Sonia Calabria who suffered a cardiac arrest at work and was revived with a defibrillator.
Sonia Calabria who suffered a cardiac arrest at work and was revived with a defibrillator.

Mum's saving grace will soon protect every shopper

MOTHER Sonia Calabria, 36, is living life to the full, years after paramedics saved her life after she went into cardiac arrest at work.

The mother-of-two collapsed at her desk in Sydney during a conversation with her boss, who felt an unwarranted need to get into work early that morning.

Within minutes, a paramedic team arrived to revive Ms Calabria with a defibrillator.

"I was shocked twice until I regained a pulse, but I didn't regain consciousness," she said.

"If it wasn't for the actions by those at the scene, I wouldn't have made it to the hospital."

After waking up from a coma - and suffering from short term memory loss - Ms Calabria was shocked to discover she had been diagnosed with a rare cardiac genetic syndrome called Brugada Syndrome, a condition that causes a disruption of the heart's normal rhythm.

"The syndrome has a 50 per cent chance of being passed down to either one or both of my beautiful kids," she said.

"I have an implantable cardioverter defibrillator installed in my chest that will protect me from any further potential episodes leading to a possible cardiac arrest."

"It's the access to a defibrillator in those first few minutes that can mean the difference between saving or losing a life."

Sonia has told her story as the face of a joint partnership between Coles and the Heart Foundation that will see Automated External Defibrillators rolled out to all Coles supermarkets across Australia over the next month.

Heart disease is Australia's biggest killer, with more than 18,000 people losing their lives each year - equivalent to two deaths every hour.

The Heart Foundation's Group CEO, Adjunct Professor John Kelly, congratulated Coles for taking an active role in protecting the heart health of Australians.

"Coles will make AEDs more accessible so they can be deployed quickly in an emergency, which will save lives," Professor Kelly said.

"AEDs are critical to saving lives as every second and minute counts when a person is having a cardiac arrest.

He urged Australians to take advantage of a new Medicare benefit and see their GP for a Heart Health Check.

"This could prevent 76,500 heart events over the next five years, including heart attacks, strokes and deaths," Prof. Kelly said.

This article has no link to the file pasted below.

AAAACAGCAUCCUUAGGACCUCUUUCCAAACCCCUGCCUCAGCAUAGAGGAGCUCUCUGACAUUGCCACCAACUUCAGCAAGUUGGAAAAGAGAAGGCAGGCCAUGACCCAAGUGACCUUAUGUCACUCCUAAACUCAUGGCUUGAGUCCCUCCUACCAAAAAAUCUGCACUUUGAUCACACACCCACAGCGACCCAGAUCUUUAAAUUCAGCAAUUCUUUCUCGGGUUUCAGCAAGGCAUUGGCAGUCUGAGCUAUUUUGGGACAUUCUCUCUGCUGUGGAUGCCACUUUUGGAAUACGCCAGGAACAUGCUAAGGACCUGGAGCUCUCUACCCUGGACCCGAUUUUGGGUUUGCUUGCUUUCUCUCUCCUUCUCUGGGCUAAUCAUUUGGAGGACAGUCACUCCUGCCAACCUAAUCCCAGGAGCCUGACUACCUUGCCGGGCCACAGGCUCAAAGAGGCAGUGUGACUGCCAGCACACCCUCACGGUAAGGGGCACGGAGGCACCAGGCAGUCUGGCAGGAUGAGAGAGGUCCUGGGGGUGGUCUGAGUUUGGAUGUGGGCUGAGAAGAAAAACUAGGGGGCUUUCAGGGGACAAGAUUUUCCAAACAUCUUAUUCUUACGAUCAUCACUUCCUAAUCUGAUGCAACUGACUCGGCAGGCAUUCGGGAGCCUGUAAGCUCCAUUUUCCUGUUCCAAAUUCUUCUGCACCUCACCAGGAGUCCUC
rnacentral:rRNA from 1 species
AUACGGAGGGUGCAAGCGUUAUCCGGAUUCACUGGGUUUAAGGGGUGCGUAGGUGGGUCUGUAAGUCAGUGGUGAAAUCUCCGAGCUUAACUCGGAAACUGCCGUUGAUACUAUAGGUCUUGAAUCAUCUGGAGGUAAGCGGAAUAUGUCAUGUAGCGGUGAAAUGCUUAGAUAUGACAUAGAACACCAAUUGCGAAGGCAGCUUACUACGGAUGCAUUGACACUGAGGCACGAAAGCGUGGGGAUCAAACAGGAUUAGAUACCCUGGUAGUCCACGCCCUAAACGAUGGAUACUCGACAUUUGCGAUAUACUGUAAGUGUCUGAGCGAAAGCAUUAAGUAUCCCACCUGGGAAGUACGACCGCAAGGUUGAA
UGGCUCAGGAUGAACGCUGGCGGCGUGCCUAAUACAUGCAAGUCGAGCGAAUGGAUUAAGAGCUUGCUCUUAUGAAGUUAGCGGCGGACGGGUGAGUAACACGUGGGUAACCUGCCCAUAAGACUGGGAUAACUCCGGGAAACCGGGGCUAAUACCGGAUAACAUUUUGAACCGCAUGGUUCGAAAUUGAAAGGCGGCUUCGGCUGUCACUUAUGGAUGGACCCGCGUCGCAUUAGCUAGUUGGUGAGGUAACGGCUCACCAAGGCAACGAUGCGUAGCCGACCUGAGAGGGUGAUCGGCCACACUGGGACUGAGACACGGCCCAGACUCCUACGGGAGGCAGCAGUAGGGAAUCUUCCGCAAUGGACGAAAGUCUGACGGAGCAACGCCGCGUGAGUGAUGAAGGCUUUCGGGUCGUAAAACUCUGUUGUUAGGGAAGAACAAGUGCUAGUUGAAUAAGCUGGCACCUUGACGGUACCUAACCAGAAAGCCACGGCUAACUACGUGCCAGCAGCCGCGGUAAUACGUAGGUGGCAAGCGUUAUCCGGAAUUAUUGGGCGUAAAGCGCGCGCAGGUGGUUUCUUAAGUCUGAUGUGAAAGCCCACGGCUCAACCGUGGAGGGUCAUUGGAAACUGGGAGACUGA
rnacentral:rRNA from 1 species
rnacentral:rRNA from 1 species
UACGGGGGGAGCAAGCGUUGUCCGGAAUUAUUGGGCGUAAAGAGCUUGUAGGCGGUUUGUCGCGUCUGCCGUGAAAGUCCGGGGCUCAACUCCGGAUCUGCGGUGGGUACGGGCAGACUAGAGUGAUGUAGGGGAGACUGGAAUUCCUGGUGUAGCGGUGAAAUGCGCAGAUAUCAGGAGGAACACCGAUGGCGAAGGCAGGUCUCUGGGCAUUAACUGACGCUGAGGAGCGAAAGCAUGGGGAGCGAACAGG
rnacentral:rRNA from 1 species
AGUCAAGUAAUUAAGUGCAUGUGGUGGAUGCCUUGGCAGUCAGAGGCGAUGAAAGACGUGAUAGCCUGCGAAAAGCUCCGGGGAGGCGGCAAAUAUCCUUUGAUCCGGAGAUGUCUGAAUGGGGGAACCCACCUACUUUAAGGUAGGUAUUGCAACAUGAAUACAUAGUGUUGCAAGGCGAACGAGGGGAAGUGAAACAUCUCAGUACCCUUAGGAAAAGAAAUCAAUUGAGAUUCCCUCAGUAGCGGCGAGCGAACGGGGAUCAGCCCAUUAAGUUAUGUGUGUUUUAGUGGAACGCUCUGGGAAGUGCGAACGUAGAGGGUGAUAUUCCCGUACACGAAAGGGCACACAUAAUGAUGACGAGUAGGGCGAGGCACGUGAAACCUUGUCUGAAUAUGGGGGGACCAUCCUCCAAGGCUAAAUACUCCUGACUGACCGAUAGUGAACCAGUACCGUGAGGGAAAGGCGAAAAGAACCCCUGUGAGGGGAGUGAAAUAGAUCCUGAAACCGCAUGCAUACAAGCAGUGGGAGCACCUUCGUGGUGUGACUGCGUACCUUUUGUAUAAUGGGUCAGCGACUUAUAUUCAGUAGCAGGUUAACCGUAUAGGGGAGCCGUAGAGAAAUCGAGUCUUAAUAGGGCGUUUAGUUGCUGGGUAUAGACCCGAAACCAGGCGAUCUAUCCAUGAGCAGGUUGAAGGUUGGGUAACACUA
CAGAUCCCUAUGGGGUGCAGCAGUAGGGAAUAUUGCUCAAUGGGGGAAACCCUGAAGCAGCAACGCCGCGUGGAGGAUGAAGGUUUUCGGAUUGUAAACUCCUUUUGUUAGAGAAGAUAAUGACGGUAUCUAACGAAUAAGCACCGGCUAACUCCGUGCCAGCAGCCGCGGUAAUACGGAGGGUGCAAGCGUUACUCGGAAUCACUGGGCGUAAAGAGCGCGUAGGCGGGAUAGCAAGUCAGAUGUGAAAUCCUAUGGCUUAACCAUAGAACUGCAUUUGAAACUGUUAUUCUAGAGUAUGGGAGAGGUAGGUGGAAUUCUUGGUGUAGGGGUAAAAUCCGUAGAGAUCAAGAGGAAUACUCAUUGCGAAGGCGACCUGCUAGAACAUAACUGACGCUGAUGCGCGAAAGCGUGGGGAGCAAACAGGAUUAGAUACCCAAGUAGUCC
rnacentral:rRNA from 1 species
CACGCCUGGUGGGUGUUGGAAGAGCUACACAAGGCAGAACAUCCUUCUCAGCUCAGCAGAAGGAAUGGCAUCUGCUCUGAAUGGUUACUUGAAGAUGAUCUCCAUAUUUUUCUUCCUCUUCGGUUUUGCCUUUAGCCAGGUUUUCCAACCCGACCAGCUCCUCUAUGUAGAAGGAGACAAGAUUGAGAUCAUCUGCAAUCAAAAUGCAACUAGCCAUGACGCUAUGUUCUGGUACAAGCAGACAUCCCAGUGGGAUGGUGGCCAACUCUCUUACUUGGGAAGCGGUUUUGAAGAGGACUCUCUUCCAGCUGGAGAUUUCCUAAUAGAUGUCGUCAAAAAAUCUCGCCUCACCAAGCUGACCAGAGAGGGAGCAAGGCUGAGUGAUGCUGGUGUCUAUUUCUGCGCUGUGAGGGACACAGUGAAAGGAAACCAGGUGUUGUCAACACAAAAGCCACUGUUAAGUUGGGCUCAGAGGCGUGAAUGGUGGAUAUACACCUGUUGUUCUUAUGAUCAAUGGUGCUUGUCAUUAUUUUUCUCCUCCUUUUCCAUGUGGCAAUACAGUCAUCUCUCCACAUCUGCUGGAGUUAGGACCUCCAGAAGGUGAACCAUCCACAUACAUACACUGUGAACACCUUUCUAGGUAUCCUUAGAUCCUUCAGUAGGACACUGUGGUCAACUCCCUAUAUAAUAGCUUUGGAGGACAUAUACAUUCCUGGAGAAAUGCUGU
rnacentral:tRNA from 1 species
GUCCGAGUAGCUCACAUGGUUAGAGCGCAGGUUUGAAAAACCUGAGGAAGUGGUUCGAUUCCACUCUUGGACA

Coles Director of Safety David Brewster said the safety of customers and team members is a top priority at Coles, with a minimum of five team members at every supermarket trained and accredited in first aid by St John Ambulance Australia so they can help in medical emergencies, including performing cardio-pulmonary resuscitation (CPR) in the event of cardiac arrest.

"By having defibrillators available for our customers and team members, we will be even more able to provide help that has been shown to increase the chances of survival for people who suffer a sudden cardiac arrest," he said. 

"All our first aid team members will be trained in the use of the AED, and we have chosen an easy-to-use device that includes audio and visual instructions so that just about anyone can use it in the case of an emergency."

HEART-STARTER: Coles has signed a partnership with the Heart Foundation seeing  Automated External Defibrillators (AED) rolled out to all Coles supermarkets over the next month.
HEART-STARTER: Coles has signed a partnership with the Heart Foundation seeing Automated External Defibrillators (AED) rolled out to all Coles supermarkets over the next month. Coles

AEDs have already been installed at five Coles supermarkets and a national roll-out to more than 820 Coles supermarkets across Australia is set to be completed by July 1. 

The defibrillators will be located near the customer service desk and will be accessible for neighbouring retailers and small businesses to use in the event of an emergency. 

The Heart Foundation's General Manager of Heart Health Bill Stavreski said Heart Health checks were the best way to understand and manage the risk of heart disease, as many risk factors are silent or have no visible symptoms.   

"The Heart Foundation recommends that people aged 45 to 74 years have a heart health check at least every two years, sooner if recommended by your doctor - for Indigenous Australians the checks should start at 30," Mr Stavreski said. 

Heart Health Checks are now covered by Medicare for eligible Australians.